“Why can’t these people leave us alone to enjoy our food ?” just made my toes curl when I read it, surely you can see how cringeworthy that is when no one is trying to stop you enjoying your food in anyway shape or form. As seems to be the case with some older people (and I say some as the vast majority of people on here are wonderful kind, caring enlightened, forward thinking people who put me to shame) there is a tendency to find some dangerous boogie man around every corner who won’t be happy until they’ve destroyed every aspect of their life, including stopping enjoying them eating their food. Only it’s absolute nonsense. It just made up. Made up to pretend that anyone who questions what white western people of certain demographics do or say are somehow trying to destroy society.

The whole topic is pretty embarrassing tbh, I was just trying to do my bit to make it obvious to anyone reading that we all didn’t have such ridiculous nonsense ideas, but I guess it’s just another topic I’ll mute instead.


Oh dear.

Someone, please put me out of my misery… can I still tell OH that we’re having chicken curry for supper ???

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Yes Stella, but for gawds sake don’t call it a curry.

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I’ve got a wide range of spices and some jars of ready-made sauce/additions… it’s always fun trying a mix and match and seeing if OH can survive… :wink:

You might be interest in this answer from Quora about whether Indians us the word “curry” with regard to Indian food

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I think that’s half the fun.

The lady in California was right about one thing. Curries and other dishes do change quite dramatically in India as you go around the place.
I do like cardamom so that’s in most curries I make, otherwise it’s a bit like bung it in and see what it tastes like !

The indian food looks delicious… and not what I would call curry anyway … so that’s a relief.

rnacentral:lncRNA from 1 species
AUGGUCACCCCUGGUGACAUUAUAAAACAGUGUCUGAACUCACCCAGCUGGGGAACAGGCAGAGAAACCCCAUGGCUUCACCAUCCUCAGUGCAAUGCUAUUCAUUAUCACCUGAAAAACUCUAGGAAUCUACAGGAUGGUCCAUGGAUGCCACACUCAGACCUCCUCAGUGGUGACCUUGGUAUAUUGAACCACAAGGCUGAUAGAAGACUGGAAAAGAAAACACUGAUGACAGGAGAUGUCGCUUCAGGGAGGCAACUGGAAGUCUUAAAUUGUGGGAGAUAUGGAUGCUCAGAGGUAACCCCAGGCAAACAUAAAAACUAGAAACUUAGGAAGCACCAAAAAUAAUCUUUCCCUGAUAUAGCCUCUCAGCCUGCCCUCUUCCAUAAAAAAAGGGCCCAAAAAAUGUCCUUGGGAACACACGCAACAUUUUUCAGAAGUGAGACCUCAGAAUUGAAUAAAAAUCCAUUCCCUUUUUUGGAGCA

It’s obvious my use of the word curry won’t hurt anyone’s feelings…

Despite only being 25 years old, I don’t think I can cope with unlearning/relearning English… all my brain is focussed on French… “le curry” :wink:

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…given that the original intention of highly spicing the sauce was to disguise the awful taste of rancid meat

Many of the shipping companies I worked for employed Indian or Bangladeshi crew including the kitchen staff. A different curry was on the menu every day. The crew or non-officer staff had their own cooks and the curries they ate would have been too strong for our delicate European tummies.
Fortunately some of the older tubs still had a thunder box hanging over the stern….

The only thing ‘political’ in stories like this is the Daily Mail and other extreme right-wing propaganda sheets trying to stir up a ‘culture war’. It’s from the same gutter-press stable as Boris Johnson’s ‘straight bananas’ Telegraph euro-myths - and look where that got us.
Don’t fall for it Peter (or Graham).


I’ve expressed no opinion on the matter - merely posted factual(ish) references Geof.
BTW - shouldn’t that be “nor” rather than “or” :slightly_smiling_face:

But, joking aside… I did have a preference for the Tandoor as opposed to the heavyily Anglicised sweet and sickly chicken tikka masala gravy :wink:

Wasn’t tikka masala invented in scotland, using condensed soup?

As for the original article - it was in the Mail and in was about something written by a 27yo American “food blogger”. These people thrive on advertising - self-promotion - and IMO best ignored.